It’s good for us to periodically ask a fundamental question when we pick up our Bibles–“What is this?” As I read this book, what am I reading? Is this simply someone else’s mail? Just an old record of things that happened a really long time ago? Are these the claims of someone who witnessed extraordinary things, but things that don’t really relate to me? What is this big old book, and how could it possibly be worthy of my attention and application after 2,000 years?
Acts 28 stands as a simple signpost at the crossroads of those good questions. What it continues to reveal is worth reflecting upon today.
The apostle Paul had carried the gospel all the way to Rome. He was able to spend a couple of years welcoming all who came to him, proclaiming the kingdom of God and teaching about the Lord Jesus Christ with all boldness (28:30-31). On one occasion, the local leaders of the Jews appointed a day to hear Paul out.
From morning till evening, he expounded to them, testifying to the kingdom of God and trying to convince them about Jesus both from the Law of Moses and from the Prophets. And some were convinced by what he said, but others disbelieved. And disagreeing among themselves, they departed after Paul had made one statement… (28:23-25)
In this moment, it’s as if Luke–our narrator–pauses, looks us in the eye, lowers his voice, and encourages us to lean in a little closer. He wants to make sure we’re listening intently. “Don’t miss this. What Paul said next is truly significant.” So let’s follow Luke’s leading. Of all the things Paul said “from morning till evening” that day, and of all the things Luke could have recorded, he gave us this “one statement”:
“The Holy Spirit was right in saying to your fathers through Isaiah the prophet:
‘Go to this people, and say,
“You will indeed hear but never understand,
and you will indeed see but never perceive.”
For this people’s heart has grown dull,
and with their ears they can barely hear,
and their eyes they have closed;
lest they should see with their eyes
and hear with their ears
and understand with their heart
and turn, and I would heal them.’
Therefore let it be known to you that this salvation of God has been sent to the Gentiles; they will listen.” (28:25-28)
There’s some foreboding news in those lines, but look again at the opening words of Paul’s “one statement.”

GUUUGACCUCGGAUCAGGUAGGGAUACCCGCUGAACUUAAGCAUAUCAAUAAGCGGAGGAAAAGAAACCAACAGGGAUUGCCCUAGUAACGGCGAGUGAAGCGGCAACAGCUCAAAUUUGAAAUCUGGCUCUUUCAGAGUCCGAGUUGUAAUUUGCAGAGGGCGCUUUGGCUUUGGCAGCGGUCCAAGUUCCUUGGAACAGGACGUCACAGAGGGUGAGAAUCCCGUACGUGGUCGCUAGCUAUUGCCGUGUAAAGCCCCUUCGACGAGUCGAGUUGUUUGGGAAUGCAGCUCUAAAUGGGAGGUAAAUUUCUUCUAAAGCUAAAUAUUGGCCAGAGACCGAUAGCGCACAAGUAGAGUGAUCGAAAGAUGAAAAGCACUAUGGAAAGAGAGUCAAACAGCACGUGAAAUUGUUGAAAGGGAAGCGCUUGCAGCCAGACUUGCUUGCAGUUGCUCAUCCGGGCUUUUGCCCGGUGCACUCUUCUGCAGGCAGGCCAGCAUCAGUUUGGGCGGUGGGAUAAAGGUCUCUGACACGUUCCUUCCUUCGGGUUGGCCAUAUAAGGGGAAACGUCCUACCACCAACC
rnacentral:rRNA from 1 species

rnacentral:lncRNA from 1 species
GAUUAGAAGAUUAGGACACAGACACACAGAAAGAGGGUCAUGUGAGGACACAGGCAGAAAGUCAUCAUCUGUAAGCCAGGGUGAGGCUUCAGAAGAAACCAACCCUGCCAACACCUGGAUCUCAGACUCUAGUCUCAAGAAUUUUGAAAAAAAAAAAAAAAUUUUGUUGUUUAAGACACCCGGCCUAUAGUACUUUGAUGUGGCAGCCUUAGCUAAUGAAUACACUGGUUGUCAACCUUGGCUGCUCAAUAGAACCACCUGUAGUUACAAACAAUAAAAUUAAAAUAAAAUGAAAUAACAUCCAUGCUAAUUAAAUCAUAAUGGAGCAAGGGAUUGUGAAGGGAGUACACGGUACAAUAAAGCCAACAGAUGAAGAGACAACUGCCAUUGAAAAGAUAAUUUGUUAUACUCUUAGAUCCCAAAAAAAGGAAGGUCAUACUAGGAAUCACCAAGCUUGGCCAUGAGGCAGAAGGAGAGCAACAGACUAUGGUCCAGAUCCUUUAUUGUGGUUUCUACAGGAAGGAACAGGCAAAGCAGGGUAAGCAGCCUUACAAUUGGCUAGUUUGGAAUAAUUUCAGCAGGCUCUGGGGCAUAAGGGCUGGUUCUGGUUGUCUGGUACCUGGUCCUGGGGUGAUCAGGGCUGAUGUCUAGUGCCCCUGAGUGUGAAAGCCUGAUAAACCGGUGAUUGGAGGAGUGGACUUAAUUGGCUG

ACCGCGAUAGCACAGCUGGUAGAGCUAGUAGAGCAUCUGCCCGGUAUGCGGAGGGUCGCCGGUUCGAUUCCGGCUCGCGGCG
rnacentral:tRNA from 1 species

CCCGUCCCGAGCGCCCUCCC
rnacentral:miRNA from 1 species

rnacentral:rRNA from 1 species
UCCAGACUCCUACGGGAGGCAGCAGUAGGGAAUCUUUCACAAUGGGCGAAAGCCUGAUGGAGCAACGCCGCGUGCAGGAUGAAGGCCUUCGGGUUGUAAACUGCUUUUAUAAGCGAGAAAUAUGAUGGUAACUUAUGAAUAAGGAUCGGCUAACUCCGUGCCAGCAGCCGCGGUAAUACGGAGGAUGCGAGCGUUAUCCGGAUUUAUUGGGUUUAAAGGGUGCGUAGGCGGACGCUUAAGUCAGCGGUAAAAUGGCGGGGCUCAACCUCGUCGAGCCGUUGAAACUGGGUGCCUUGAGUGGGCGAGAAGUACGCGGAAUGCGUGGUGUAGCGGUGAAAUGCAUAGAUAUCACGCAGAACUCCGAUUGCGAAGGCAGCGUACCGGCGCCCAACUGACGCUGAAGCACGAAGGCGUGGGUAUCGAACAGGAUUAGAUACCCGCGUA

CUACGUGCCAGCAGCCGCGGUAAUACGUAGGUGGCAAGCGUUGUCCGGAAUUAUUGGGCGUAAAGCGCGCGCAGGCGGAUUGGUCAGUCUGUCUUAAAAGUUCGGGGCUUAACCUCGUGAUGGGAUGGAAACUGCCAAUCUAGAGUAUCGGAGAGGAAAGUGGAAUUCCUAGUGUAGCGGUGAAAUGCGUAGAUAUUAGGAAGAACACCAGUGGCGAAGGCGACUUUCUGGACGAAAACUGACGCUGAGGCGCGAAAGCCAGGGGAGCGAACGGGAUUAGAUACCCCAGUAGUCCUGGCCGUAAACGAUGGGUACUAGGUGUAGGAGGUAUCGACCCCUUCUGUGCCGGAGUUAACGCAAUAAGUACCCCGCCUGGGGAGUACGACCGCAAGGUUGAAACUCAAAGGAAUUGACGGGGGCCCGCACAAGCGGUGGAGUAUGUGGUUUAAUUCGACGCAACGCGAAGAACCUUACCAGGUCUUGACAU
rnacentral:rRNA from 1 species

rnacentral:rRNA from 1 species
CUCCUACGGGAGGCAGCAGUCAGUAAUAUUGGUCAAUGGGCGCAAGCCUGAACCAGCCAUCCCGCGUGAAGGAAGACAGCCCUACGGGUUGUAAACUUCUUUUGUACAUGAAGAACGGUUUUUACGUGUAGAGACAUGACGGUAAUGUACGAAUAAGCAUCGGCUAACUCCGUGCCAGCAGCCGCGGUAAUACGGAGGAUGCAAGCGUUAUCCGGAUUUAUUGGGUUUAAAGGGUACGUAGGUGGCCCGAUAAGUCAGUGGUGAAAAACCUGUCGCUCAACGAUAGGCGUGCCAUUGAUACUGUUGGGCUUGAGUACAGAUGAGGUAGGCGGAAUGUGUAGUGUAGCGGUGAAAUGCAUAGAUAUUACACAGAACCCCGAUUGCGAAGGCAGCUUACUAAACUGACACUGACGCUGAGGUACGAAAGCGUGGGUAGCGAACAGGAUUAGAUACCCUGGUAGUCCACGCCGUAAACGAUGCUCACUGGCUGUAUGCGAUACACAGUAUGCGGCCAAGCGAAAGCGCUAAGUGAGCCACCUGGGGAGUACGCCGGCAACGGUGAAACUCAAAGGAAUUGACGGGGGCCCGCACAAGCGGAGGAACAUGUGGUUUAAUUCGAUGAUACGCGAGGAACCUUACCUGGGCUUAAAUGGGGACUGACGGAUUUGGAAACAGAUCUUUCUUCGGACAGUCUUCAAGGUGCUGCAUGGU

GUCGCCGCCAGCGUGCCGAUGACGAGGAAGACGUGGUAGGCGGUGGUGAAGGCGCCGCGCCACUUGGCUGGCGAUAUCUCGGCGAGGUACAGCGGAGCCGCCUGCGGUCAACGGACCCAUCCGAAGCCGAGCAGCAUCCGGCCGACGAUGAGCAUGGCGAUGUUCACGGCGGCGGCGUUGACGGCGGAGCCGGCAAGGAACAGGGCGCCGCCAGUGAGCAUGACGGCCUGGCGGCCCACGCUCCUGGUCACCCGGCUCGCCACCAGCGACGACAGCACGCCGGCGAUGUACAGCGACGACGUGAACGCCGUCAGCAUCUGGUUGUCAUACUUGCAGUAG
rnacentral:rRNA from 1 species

“The Holy Spirit was right in saying to your fathers through Isaiah the prophet…”
Do you see the dots that are being connected? “The Holy Spirit said something to your forefathers seven centuries ago.” We know that passage as Isaiah 6:9-10. “What the Holy Spirit said? He was right. It was true. But it wasn’t just true of them. It’s true of you. Those words may have been spoken through God’s prophet 700 years ago, but they endure as a relevant reflection of you. Today.”
What we’ve just been shown is extraordinary! Via Luke through Paul through Isaiah through the Holy Spirit there’s a direct connection from the Scriptures of the past to the hearts of people in the present. Think about that…
For us, for me–in the twenty-first century–it’s easy to reach the end of a historical book like Acts, read the closing verses, shut the book, and move on without realizing the awesome significance of what I’m holding in my hands. “What is this?” As I read this big old book, what am I reading? Let’s allow Luke to continue to connect the dots for us today…
“The Holy Spirit said extraordinary things a long time ago. He captured history, revealed prophecies, conveyed serious warnings, and delivered great promises of assurance and hope. What he said was right. It was true, and it continues to be true, of you and for you. A direct, unbroken connection continues to live from the Scriptures of the past to the hearts of people in the present. Therefore let it be known to you…”
That’s the posture we ought to have as we open our Bibles. “Therefore let it be known to you.” This is the revelation of my Creator. These are the words of my King. This is light for my path provided by the Holy Spirit of God.”
Some were convinced that day in Rome. Others disbelieved. The same is still unfolding 2,000 years later. For all who will listen, the salvation of God continues to be extended.